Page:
Thursday, August 6, 2015

Family matters in Japan’s war commemoration

An obstinate hurdle to realising this hope which is often overlooked is that Japan’s ‘history problem’ — a mix of politics, identity and nationalism in East Asia, brewing actively since the late 1990s — is also about personal identity.

We can better understand the emotional import of the upcoming commemoration on 15 August by recognising that for many Japanese it is about defining the humiliating legacy of our fathers and grandfathers, their mistakes and failures.

War memory is ultimately family memory and the questions are personal: what did our fathers and grandfathers do in the war? Did they act honourably at their time of reckoning? Do we portray them as innocent or guilty? Do we protect or incriminate our own family members?

We may be in a better position to anticipate the forthcoming politics of war responsibility at the 70th anniversary by taking account of the family legacies of Japan’s elite politicians.

Some would like to see Prime Minister Shinzo Abe renew Japan’s apology in a definitive statement of wrongdoing as former prime minister Tomiichi Murayama did on the 50th anniversary in 1995. But this would be a revolutionary statement for Abe. He is the grandson of post-war prime minister Nobusuke Kishi who masterminded the growth of colonial Manchuria’s economy and served as munitions minister in the wartime Tojo cabinet. It is this family loyalty that Kevin Rafferty has, in a recent Japan Times article, called one of Abe’s ‘demons’.

For Abe to reaffirm Murayama’s statement would be tantamount to redefining his grandfather’s colonial and wartime achievements as dreadful wrongs. Is it conceivable that Abe would be prepared to declare, as Murayama did, that his grandfather pursued a ‘mistaken national policy, advanced along the road to war, only to ensnare the Japanese people in a fateful crisis, and, through its colonial rule and aggression, caused tremendous damage and suffering to the people of many countries, particularly to those of Asian nations’? Such a statement by Abe would be truly ground-breaking.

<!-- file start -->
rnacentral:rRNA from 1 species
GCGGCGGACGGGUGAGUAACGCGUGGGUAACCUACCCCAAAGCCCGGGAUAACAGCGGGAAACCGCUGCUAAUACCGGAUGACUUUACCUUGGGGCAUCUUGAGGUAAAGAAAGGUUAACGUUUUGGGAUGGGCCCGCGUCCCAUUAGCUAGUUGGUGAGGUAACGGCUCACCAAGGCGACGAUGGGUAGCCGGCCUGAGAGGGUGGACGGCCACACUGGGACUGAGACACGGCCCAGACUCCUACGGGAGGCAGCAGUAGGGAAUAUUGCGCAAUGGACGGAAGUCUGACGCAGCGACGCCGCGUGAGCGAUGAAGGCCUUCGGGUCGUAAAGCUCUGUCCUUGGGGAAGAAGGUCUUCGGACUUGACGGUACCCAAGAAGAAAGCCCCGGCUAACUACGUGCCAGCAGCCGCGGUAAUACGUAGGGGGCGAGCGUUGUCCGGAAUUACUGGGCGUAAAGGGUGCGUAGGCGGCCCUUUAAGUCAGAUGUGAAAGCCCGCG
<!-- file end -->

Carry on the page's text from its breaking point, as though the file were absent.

Others would like to see Abe renew Japan’s vow for peace, in a definitive statement ‘never again’ to engage in war. This would also be a revolutionary statement for Abe. It was also Kishi, as prime minister in 1960, who cemented Japan’s security alliance with the United States. This allows the US to project its military power across Asia through its forward deployment strategy and the maintenance of strategic bases in Japan. For Abe, vowing to pursue a pacifist future would be tantamount to repudiating this grand design for Japan’s regional power. He sees the East Asia region as a dangerous neighbourhood and is now railroading new national security laws through parliament, based on a unilateral ‘reinterpretation’ of Japan’s pacifist constitution.

But it would be a mistake to see Abe’s statements as a complete representation of Japanese national sentiments. The ‘history problem’ is larger and more complicated than the legacy of elite families who dominated wartime Japan. Ordinary Japanese — the rank and file in wartime — have also inherited war memories and, not surprisingly, they diverge a great deal from those of elite families.

Many remember the devastation that the war wreaked, especially in 1944–45, and have passed those memories to their children and grandchildren. Still others remember the harm that the Japanese military inflicted in Asia and attempt to atone in their own ways. These memories are at the root of Japan’s longstanding antimilitarist sentiments and defence of the ‘peace constitution’. It is these children and grandchildren who are taking to the streets to resist Abe’s legislative manoeuvring.

With all the attention surrounding Abe’s anticipated 70th anniversary speech in August, it would be easy to lose sight of the broad plurality of sentiments and opinions that make up Japan’s attitude toward its past. The challenge going forward is to communicate this broader picture of war memory within Japanese society to its neighbours.

Akiko Hashimoto is author of The Long Defeat: Cultural Trauma, Memory, and Identity in Japan, Oxford University Press, 2015. She has taught cultural, comparative, global sociology at the University of Pittsburgh for 25 years. She is also a Faculty Fellow at Yale University’s Center for Cultural Sociology, and Visiting Professor at Portland State University.


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